Inverness Christens Depot District a “Really Cool Place”
On November 16, 2019, we celebrated the Grand Opening of the Depot District that unites renovated city and state parks, open spaces and multipurpose public buildings to serve Inverness residents and visitors.
“I-Town”, as City Manager Frank Digiovanni calls it, is worth the drive even if you don’t live in Citrus County. Well, it’s worth the drive to this wonderful enclave of natural beauty enhanced by historic downtown buildings housing boutique retailers and a variety of dining-drinking options around a 1912 courthouse and museum that spurs memories of Back to the Future and Elvis, no matter where you live.
One especially scenic route is from west Hernando or Pasco Counties, going north on U.S. 19, via Centralia, Citrus Way, Stage Coach Trail, and then Pleasant Grove Road before turning onto State Road 44. It eventually becomes Main Street and winds through downtown Inverness.
Along the way, you will experience what some call “Old Florida”. It’s a chance to enjoy the lush forests, winding dirt driveways with homes tucked back into the woods, and the chance of seeing deer or even a bear—stay alert! But most of all there is the serenity reminiscent of what early settlers might have experienced. Inverness is very convenient to access via other routes, however, so choose the way that suits you best.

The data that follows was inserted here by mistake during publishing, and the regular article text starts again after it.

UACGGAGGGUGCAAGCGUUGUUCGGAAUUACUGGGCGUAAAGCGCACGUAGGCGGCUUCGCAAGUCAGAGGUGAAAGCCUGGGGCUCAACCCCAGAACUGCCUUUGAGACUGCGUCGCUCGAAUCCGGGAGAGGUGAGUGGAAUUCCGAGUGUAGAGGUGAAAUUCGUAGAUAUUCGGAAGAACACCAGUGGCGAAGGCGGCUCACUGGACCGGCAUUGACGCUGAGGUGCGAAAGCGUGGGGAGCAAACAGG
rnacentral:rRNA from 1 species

After driving slowly through historic downtown Inverness, suddenly there it is, The Depot District on North Apopka Avenue. If you have been there before and it doesn’t look familiar, it’s because it has been “re-purposed,” according to City Manager Frank Digiovanni. If you have not been there before, get ready for some WOW moments.
40-foot Water Tower and a Public Stage
You can’t miss the new 40-foot water tower that serves as a gateway to Liberty Park and includes a multi-purpose open stage beneath it. In fact, that’s where the Grand Opening ceremony took place.
The ceremony was opened with a presentation of the American Flag by the Nature Coast Young Marines JROTC, the Pledge of Allegiance, and a prayer by City Council President Ken Hinkle.
Speakers included Mayor Bob Plaisted, City Council members, Assistant City Manager Eric Williams; with appearances by County Commissioners, Superintendent of Schools Sandra Himmel, Afro-American Club of Citrus County President Robert Shelton, Crystal River Mayor Joe Meek, and representatives from the offices of State Representative Ralph Massullo and U.S. Representative Daniel Webster, as well as the Project Director Marc Black.